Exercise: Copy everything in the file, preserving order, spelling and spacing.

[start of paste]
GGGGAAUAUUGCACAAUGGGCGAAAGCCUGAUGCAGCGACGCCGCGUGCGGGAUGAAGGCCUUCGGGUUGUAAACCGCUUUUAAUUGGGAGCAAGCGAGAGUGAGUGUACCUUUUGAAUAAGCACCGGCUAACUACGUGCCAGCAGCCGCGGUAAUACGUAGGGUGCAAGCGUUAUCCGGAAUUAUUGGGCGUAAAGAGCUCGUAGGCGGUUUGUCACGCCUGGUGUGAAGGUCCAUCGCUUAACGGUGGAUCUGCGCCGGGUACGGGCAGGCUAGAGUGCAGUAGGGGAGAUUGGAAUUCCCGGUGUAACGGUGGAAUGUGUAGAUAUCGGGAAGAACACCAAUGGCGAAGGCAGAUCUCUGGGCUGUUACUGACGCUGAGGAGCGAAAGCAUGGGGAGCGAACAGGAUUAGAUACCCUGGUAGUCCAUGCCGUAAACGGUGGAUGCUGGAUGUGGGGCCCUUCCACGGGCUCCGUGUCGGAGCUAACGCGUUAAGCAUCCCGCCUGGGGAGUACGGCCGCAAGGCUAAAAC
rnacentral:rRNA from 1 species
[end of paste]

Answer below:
GGGGAAUAUUGCACAAUGGGCGAAAGCCUGAUGCAGCGACGCCGCGUGCGGGAUGAAGGCCUUCGGGUUGUAAACCGCUUUUAAUUGGGAGCAAGCGAGAGUGAGUGUACCUUUUGAAUAAGCACCGGCUAACUACGUGCCAGCAGCCGCGGUAAUACGUAGGGUGCAAGCGUUAUCCGGAAUUAUUGGGCGUAAAGAGCUCGUAGGCGGUUUGUCACGCCUGGUGUGAAGGUCCAUCGCUUAACGGUGGAUCUGCGCCGGGUACGGGCAGGCUAGAGUGCAGUAGGGGAGAUUGGAAUUCCCGGUGUAACGGUGGAAUGUGUAGAUAUCGGGAAGAACACCAAUGGCGAAGGCAGAUCUCUGGGCUGUUACUGACGCUGAGGAGCGAAAGCAUGGGGAGCGAACAGGAUUAGAUACCCUGGUAGUCCAUGCCGUAAACGGUGGAUGCUGGAUGUGGGGCCCUUCCACGGGCUCCGUGUCGGAGCUAACGCGUUAAGCAUCCCGCCUGGGGAGUACGGCCGCAAGGCUAAAAC
rnacentral:rRNA from 1 species